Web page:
Do Mice Eat Houseplants?

Once inside your home, mice are known to cause damage by gnawing on clothing, furniture, wiring, and books. They’ll also eat and nibble on anything edible. This begs the question: do mice eat houseplants?

In general, mice don’t eat houseplants, as they’re not among their favorite foods. However, mice are omnivores and will eat a wide variety of food if available. So, if mice get into your home, they may chew or nibble on the leaves or stems of your houseplants, particularly new growth, if they can’t find other food sources.

In this article, we’ll explore in-depth why mice don’t usually eat houseplants. We’ll also look at some of the most common reasons why mice might nibble on your houseplants, as well as some helpful tips for keeping mice away from your houseplants.

Do Mice Eat Houseplants?

Mouse eating leaves

There’s nothing about common houseplants or potted indoor plants that attract mice. These little rodents tend to be more attracted to plants that they can eat.

So, mice don’t usually eat houseplants, especially fully grown ones. Mature houseplants can be hard on the mice’s teeth, so they’re not worth the effort.

In addition, houseplants don’t provide as many nutritional benefits to mice as other food sources. So, they don’t typically go for houseplants when looking for food.

That said, mice are omnivores and opportunistic feeders. So, there’s always the possibility that they would feed on houseplants under the right conditions.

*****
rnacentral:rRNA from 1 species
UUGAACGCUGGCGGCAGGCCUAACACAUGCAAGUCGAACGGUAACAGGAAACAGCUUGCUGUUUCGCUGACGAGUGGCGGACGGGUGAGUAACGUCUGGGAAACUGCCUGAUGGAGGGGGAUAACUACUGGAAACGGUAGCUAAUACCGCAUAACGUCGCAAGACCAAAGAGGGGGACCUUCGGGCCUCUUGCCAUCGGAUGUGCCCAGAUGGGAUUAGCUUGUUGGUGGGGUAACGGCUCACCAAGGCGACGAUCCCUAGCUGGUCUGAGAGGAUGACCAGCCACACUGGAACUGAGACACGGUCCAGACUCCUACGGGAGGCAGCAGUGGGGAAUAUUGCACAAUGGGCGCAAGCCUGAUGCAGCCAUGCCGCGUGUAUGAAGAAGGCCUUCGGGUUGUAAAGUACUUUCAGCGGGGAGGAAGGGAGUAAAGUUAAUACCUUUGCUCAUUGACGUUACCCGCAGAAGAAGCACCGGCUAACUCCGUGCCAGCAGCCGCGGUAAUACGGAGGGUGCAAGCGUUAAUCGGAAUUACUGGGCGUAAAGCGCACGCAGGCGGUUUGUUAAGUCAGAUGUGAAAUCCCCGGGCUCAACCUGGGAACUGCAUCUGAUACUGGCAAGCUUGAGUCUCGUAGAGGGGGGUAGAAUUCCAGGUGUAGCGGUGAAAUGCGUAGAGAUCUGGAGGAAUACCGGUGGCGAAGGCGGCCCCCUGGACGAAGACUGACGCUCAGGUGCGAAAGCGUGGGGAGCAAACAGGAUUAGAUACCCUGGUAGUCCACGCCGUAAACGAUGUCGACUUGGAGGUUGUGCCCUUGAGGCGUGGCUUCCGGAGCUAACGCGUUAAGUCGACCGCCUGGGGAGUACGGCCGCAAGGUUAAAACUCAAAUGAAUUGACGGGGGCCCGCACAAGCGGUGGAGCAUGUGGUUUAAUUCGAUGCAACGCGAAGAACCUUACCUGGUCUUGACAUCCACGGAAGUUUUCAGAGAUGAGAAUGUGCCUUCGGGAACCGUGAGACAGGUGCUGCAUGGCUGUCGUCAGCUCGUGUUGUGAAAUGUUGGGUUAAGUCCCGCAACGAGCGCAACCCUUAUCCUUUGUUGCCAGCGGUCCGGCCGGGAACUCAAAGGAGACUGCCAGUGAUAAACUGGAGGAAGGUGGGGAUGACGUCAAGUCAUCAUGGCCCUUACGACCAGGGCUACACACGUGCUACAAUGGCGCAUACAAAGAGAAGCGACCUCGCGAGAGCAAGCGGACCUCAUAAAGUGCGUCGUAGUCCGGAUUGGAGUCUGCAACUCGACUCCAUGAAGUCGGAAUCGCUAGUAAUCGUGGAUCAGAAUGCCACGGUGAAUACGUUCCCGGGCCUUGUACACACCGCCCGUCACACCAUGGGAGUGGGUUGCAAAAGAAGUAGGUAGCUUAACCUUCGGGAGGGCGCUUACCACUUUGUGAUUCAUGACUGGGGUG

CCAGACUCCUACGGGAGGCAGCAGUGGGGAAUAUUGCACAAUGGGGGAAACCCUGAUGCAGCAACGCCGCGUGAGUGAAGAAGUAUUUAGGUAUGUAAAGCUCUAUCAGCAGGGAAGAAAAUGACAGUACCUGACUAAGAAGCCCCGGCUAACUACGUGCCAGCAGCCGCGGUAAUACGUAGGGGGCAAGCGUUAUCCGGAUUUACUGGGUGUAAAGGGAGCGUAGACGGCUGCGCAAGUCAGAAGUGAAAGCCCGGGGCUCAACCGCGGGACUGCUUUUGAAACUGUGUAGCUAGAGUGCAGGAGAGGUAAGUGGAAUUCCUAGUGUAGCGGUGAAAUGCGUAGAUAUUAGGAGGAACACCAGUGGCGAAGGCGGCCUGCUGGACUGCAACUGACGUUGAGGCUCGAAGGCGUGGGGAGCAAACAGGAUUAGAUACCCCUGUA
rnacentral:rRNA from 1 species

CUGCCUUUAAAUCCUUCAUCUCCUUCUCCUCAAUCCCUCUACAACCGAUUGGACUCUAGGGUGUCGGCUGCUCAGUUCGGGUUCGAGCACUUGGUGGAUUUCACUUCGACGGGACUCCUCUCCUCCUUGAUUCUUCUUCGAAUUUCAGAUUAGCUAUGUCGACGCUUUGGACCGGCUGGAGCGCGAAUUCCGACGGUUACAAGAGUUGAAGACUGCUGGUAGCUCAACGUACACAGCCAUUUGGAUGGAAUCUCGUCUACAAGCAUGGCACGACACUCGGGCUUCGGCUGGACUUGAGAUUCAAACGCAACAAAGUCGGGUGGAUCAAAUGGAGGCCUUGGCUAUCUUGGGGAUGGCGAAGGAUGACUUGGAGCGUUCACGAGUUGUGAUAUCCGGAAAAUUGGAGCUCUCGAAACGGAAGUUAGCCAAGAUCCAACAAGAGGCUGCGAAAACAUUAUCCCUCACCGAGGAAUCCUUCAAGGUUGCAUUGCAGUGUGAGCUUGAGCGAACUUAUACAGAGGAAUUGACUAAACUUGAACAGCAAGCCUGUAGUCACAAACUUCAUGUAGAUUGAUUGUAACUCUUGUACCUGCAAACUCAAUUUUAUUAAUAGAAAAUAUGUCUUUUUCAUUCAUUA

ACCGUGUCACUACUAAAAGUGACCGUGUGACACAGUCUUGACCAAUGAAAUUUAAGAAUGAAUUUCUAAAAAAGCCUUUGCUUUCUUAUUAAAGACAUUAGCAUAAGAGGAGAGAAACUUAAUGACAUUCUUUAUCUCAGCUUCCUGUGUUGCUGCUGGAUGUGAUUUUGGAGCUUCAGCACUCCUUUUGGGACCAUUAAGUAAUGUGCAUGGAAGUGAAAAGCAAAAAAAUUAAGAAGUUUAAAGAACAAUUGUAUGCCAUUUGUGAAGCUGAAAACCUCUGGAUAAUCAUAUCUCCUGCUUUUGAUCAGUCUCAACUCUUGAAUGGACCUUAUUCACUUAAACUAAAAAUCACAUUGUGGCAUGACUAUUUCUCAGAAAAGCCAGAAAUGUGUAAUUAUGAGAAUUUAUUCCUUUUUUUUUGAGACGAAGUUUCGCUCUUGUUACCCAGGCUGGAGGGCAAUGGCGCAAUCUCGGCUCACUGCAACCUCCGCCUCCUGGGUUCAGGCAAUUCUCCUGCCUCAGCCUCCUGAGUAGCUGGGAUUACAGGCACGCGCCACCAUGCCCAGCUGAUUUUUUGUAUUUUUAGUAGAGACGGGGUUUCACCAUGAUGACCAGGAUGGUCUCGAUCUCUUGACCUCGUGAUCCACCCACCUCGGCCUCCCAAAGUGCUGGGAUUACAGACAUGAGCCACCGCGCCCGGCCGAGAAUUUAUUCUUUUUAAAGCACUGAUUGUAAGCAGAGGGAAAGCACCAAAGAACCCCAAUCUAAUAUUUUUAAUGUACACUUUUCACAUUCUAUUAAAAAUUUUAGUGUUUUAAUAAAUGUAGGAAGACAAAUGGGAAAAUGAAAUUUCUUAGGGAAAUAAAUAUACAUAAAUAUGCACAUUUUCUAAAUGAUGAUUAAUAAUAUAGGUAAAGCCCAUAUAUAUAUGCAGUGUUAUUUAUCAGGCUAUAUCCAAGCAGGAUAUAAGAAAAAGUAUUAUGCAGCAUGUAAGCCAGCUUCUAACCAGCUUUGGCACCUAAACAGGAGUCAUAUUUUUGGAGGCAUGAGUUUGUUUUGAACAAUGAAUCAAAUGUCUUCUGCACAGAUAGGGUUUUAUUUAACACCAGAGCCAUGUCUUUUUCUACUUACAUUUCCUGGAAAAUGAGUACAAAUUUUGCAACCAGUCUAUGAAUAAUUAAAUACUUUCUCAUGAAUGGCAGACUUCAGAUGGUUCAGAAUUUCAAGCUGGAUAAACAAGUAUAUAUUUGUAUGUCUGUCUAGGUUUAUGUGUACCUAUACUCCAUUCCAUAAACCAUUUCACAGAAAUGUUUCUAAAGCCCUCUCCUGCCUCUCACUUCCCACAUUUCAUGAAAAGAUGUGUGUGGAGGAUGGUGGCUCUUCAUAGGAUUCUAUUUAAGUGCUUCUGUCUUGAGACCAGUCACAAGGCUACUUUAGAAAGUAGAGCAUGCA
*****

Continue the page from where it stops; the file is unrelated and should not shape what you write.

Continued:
To begin with, if there aren’t other sources of food, a hungry mouse may feed on a houseplant as a last resort.

What’s more, mice are known to burrow into the soil of houseplants to hide food, nest, or even stay warm. During the process, a hungry mouse may gnaw on the houseplant as an immediate food source.

In this case, the leaves and stems provide the mice with a nutritious, high-fiber snack.

Read more: Do Houseplants Need Drainage: How to Get Rid Of the Extra Moisture

How to Know If a Mouse Ate Your Houseplant

There’s a wide variety of pests that feed on houseplants, and you may need to take different precautions to keep each type of pest from eating your houseplants.

So, before you look for ways to keep mice from eating your houseplants, you must first determine that mice are the cause of the damage.

Eaten New Growth

Mice are more inclined to eat new young shoots, which are more tender than fully grown plants. So, if you notice that new growth keeps getting damaged or disappearing, a mouse is most likely eating it.